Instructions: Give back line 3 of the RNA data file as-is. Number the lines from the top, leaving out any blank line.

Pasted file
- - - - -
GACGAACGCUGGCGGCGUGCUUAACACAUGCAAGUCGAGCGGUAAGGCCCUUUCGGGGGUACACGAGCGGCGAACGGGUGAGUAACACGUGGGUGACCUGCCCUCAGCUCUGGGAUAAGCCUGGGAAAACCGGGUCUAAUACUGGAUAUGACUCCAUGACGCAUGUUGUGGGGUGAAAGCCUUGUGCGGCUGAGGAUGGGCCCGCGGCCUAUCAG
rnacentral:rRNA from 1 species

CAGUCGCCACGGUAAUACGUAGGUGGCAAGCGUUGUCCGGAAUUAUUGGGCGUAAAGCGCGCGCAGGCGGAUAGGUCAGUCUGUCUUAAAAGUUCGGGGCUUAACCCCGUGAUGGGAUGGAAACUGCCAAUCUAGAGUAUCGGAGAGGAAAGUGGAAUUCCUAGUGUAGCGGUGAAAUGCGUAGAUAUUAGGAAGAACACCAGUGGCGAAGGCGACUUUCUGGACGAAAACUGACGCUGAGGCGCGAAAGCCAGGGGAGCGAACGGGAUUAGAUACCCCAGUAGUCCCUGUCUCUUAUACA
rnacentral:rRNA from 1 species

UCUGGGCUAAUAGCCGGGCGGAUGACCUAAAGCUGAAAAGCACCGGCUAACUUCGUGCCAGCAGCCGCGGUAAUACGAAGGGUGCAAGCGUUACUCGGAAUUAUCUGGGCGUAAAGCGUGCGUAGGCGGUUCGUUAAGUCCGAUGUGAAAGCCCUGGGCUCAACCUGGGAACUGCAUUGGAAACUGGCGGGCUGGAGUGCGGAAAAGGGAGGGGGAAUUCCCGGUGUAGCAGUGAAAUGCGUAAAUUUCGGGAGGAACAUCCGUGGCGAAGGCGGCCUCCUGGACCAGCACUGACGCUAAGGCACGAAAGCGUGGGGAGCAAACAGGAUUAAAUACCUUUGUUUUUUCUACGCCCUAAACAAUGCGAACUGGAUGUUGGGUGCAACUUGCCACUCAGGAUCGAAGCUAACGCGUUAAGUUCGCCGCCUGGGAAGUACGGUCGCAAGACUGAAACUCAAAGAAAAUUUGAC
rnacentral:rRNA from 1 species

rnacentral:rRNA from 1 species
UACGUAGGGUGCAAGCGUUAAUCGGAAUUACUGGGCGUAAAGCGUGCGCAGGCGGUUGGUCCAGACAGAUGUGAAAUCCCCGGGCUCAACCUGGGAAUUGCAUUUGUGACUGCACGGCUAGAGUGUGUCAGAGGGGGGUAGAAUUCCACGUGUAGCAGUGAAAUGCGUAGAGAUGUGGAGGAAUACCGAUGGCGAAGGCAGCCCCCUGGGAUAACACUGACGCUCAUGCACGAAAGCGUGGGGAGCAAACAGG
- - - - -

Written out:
CAGUCGCCACGGUAAUACGUAGGUGGCAAGCGUUGUCCGGAAUUAUUGGGCGUAAAGCGCGCGCAGGCGGAUAGGUCAGUCUGUCUUAAAAGUUCGGGGCUUAACCCCGUGAUGGGAUGGAAACUGCCAAUCUAGAGUAUCGGAGAGGAAAGUGGAAUUCCUAGUGUAGCGGUGAAAUGCGUAGAUAUUAGGAAGAACACCAGUGGCGAAGGCGACUUUCUGGACGAAAACUGACGCUGAGGCGCGAAAGCCAGGGGAGCGAACGGGAUUAGAUACCCCAGUAGUCCCUGUCUCUUAUACA